Going for Gold
For two weeks, every two years, I hear trumpets in my sleep. Yes, I am an Olympics junkie. I am one of those fans who watches more than just the marquee events. Don’t get me wrong; I love the prime-time televised competitions and watching the favorites and underdogs reach the medal stand. But every Olympics I stumble upon new events in the not-so-prime time viewing hours, such as team handball, synchronized trampoline, white water kayaking, and BMX motorcross. For me, the appeal of the Olympics goes beyond the prowess of these world-class athletes and my parochial pride in watching the USA teams compete (and win). It’s the global platform and the compelling stories of these athletes — the Lopez “Tae Kwon Do" family from the U.S., Oscar Pistorius (aka Blade Runner), and six-time Olympian gymnast Oksana Chusovitina to name just a few — that really light my personal Olympic flame; I am an emotional viewer.
And apparently I am not alone. According to published reports, during the Olympics the UK’s EDF Energy Group and the Massachusetts Institute of Technology (MIT) teamed up to “capture" the emotion of those in attendance. The EDF analyzed tweets about the games throughout the course of the Olympics using a sentiment algorithm to measure adjectives, punctuation, and even emoticons. The tweets were then scored and tallied up over the course of each day. The end result was a light show reflecting the mood of the day powered on the London Eye every night.
The ability to capture behavioral or emotional trends is not new, but the fact that it is happening in real time with data being synthesized and responded to with a meaningful message with near immediacy is almost as impressive as Michael Phelps’ 22 Olympic medals.
In much the same way, the pharmaceutical industry is beginning to use technology and new marketing tools to connect with its audiences — consumers and physicians — on a very individual level. Real-time data enable more detailed tracking, which in turn leads to better information that results in better understanding of the physician or patient. Knowing how to glean insights from the information is becoming a very important piece of the pie and allows marketers to design extremely targeted messaging that produces a level of customer engagement unattainable with traditional approaches.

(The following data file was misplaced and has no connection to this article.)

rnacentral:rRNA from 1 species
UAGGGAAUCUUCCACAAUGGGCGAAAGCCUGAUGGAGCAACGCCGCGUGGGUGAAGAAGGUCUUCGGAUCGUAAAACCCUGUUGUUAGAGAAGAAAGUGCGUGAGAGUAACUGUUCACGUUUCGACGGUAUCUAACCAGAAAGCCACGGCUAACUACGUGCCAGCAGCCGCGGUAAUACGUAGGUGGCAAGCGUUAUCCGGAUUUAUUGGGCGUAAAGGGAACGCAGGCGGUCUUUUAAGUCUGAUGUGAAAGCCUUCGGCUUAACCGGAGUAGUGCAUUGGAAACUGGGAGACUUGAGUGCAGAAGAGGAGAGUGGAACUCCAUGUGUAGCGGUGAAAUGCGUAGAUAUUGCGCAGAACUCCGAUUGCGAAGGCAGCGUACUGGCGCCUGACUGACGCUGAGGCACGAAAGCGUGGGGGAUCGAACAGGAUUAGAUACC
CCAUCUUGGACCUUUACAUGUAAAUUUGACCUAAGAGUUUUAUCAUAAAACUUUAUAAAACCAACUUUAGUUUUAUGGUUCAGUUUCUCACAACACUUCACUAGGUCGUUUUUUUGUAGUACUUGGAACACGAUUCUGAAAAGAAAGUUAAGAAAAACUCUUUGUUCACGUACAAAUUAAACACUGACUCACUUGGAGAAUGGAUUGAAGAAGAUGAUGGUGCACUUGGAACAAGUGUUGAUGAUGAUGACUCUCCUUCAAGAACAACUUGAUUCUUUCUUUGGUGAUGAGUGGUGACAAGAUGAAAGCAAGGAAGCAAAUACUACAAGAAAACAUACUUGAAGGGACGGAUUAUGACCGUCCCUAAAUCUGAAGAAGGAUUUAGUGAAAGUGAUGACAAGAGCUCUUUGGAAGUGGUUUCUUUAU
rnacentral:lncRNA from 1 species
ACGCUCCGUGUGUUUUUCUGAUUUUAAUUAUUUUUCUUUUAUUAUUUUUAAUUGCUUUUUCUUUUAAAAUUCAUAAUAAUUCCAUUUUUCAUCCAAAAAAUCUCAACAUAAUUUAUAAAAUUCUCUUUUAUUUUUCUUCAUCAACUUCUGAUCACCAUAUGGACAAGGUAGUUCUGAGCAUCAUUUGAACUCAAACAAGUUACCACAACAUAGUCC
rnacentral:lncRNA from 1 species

The experts in this month’s Forum provide some key takeaways when it comes to behavioral marketing: understanding engagement, prescribing habits, and attitude are key for physician targeting; goal setting, tracking, and positive reinforcement motivate patients to change behaviors; and research doesn’t lie — heed what it reveals, even if you think you know your brand.
Check out what else our experts have to share on the topic, as well as what’s new in the e-patient world, advances in molecular diagnostics, our two special showcases, and more.
Signing off now with the Bugler’s Dream still playing in my head.
Volume 12 • Number 8
Publisher Lisa Banket
Editor Taren Grom
Creative Director Marah Walsh
Managing Editor Denise Myshko
Senior Editor Robin Robinson
Features Editor Kim Ribbink
Contributing Editor Carolyn Gretton
Design Associate Ariel Medel
National Account Managers
Webcast Network Producer Daniel Limbach
Circulation Assistant Kathy Deiuliis
by PharmaLinx LLC, Titusville, NJ
Printed in the U.S.A.
Volume Twelve, Number Eight
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As personalized medicine gains momentum, pharma and device companies are collaborating for companion diagnostics.
The industry has made the all-important shift from unengaged listening to deliberate interactions with patients.
India’s long scientific and medical history continues to form the bedrock of the country’s current advances in science and technology.
Relationship management is key to meeting the range of data management challenges faced by pharma companies and their clinical trial partners.
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